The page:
The Promoting Activity in Cancer Survivors (PACES) trial provides an opportunity to address these questions. The PACES trial implemented a factorial design, as suggested under the MOST framework [26, 27], to evaluate four intervention strategies for increasing physical activity among breast cancer survivors [29]. While the primary goal of PACES is to optimize an intervention to increase physical activity, selection of intervention components should not only consider physical activity but other outcomes, like depression, that can improve well-being and ultimately health outcomes of breast cancer survivors. The current analysis will evaluate the effects of each intervention strategy on depressive symptoms.


Study and intervention overview

Full methodological details for the PACES trial have been previously published [29]. Details relevant to the reported analysis are described below. The study protocol was approved by the UT Southwestern IRB and registered with (NCT03060941). Participants signed an informed consent document prior to completing any study activities. Outcomes were assessed at three timepoints: baseline, Week 13, and Week 25. Visits were conducted at the UT Southwestern Center for Depression Research and Clinical Care (Dallas, TX) and the Moncrief Cancer Institute (Fort Worth, TX). Data was collected December 2016 to February 2020.


Participants were recruited via emails, flyers posted in clinics, and social media postings. Individuals were eligible for participation if they were: 1) women diagnosed with breast cancer (stages 1–4), 2) completed treatment > 3 months and < 5 years prior to enrollment, 3) engage in < 150 min of moderate-to-vigorous physical activity (MVPA) per week as assessed by the International Physical Activity Questionnaire, 4) able to engage in physical activity. To ensure recruitment of the target sample size, we expanded inclusion to breast cancer survivors up to 10 years post-treatment during the trial in July 2017 (162 participants were enrolled prior to the change in study eligibility). Exclusion criteria were: 1) a medical condition contraindicating physical activity participation, or 2) unable/unwilling to provide informed consent.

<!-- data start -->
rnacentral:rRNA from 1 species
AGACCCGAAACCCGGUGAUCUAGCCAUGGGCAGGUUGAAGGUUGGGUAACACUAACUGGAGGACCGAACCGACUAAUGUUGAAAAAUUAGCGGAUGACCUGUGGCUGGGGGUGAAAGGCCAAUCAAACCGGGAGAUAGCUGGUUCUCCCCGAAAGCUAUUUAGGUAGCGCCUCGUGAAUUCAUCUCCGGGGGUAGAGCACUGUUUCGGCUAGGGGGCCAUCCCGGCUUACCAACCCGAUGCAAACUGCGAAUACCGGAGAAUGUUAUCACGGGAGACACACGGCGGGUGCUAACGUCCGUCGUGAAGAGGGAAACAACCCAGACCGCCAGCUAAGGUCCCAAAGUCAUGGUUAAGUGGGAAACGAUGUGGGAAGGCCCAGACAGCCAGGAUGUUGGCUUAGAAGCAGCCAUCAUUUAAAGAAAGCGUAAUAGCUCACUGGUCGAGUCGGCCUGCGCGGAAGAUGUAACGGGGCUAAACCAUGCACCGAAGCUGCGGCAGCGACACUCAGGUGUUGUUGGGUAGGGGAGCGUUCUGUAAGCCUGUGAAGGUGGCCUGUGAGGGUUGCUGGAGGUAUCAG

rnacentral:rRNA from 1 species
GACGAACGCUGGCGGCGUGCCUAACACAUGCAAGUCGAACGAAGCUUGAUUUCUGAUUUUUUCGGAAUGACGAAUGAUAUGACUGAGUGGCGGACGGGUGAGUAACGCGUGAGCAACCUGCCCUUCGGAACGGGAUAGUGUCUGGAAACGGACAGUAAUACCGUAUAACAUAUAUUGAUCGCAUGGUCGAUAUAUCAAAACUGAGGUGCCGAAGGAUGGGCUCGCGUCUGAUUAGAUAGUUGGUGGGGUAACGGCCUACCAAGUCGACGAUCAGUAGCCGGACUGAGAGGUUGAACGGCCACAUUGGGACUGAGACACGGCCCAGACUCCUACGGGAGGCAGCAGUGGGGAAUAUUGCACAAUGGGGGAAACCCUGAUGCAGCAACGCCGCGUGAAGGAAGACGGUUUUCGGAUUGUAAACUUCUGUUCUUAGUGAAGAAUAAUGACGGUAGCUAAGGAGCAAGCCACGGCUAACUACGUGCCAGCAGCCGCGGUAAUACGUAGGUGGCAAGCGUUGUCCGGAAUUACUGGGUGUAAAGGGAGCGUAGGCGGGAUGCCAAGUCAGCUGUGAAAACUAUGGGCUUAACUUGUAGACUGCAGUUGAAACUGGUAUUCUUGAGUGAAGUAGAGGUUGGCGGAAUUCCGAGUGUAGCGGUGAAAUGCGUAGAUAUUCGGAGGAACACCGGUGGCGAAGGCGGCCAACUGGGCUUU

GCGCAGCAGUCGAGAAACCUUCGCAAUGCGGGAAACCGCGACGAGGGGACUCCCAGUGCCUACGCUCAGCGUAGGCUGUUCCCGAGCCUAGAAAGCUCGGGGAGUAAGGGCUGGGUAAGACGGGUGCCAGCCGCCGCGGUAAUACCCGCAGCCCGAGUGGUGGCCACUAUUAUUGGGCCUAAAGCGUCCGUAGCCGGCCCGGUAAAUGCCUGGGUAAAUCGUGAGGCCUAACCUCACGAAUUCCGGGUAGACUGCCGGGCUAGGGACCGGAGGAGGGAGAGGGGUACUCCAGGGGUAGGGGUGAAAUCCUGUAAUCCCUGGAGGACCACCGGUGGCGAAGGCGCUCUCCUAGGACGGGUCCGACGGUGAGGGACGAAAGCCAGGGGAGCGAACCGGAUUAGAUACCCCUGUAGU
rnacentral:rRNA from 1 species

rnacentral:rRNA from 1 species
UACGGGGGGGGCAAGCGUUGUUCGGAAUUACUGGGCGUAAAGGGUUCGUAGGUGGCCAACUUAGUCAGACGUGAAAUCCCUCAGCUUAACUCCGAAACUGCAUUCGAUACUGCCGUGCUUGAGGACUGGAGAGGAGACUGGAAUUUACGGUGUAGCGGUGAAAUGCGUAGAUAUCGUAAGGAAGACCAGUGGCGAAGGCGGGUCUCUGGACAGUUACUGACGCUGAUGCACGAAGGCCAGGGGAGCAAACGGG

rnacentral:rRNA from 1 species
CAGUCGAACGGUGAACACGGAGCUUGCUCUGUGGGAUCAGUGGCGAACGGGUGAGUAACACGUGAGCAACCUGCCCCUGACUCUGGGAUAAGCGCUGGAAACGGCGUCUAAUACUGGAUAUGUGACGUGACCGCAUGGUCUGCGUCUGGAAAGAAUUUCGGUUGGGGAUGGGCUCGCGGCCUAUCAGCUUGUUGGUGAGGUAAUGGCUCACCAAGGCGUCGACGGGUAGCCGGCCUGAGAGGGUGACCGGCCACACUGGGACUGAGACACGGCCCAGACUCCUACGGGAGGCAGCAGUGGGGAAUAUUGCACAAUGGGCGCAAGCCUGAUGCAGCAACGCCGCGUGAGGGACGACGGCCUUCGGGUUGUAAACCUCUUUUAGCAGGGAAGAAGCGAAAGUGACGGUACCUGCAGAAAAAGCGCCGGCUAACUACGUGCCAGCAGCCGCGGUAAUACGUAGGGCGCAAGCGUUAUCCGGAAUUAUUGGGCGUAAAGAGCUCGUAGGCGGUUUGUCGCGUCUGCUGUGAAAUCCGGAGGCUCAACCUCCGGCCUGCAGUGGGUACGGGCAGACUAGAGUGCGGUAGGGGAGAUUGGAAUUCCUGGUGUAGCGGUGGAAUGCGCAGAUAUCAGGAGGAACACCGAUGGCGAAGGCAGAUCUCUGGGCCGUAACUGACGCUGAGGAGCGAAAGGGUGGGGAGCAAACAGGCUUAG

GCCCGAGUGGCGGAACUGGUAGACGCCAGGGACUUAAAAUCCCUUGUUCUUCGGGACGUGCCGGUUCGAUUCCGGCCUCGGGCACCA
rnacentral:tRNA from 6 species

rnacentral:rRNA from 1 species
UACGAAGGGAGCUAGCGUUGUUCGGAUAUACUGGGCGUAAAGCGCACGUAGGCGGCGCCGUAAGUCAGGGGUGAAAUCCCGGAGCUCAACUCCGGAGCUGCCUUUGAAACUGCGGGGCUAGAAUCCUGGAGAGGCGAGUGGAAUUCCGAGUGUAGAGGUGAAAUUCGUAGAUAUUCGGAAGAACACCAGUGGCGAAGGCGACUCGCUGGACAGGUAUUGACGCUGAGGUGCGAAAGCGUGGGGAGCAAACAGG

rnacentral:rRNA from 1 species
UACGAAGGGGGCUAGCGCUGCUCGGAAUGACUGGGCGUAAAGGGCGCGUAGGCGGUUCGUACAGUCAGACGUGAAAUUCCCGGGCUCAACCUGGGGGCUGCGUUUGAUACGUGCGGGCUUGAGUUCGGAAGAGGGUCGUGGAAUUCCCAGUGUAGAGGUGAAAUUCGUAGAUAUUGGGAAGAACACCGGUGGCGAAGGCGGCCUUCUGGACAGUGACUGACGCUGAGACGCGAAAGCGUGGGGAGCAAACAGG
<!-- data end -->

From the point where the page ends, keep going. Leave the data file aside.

In the full factorial design, participants were randomized to receive a combination of up to four intervention components (Table 1). The randomization sequence was generated by the study statistician, was stratified by clinical treatment site, with balanced blocks which varied in size through random permutation. In addition, all participants received a book, “Exercise for Health: An Exercise Guide for Breast Cancer Survivors,” with demonstrated efficacy for increasing physical activity among breast cancer survivors [30, 31]. Intervention components were delivered concurrently; participants assigned to more than one intervention components engaged in those components as described.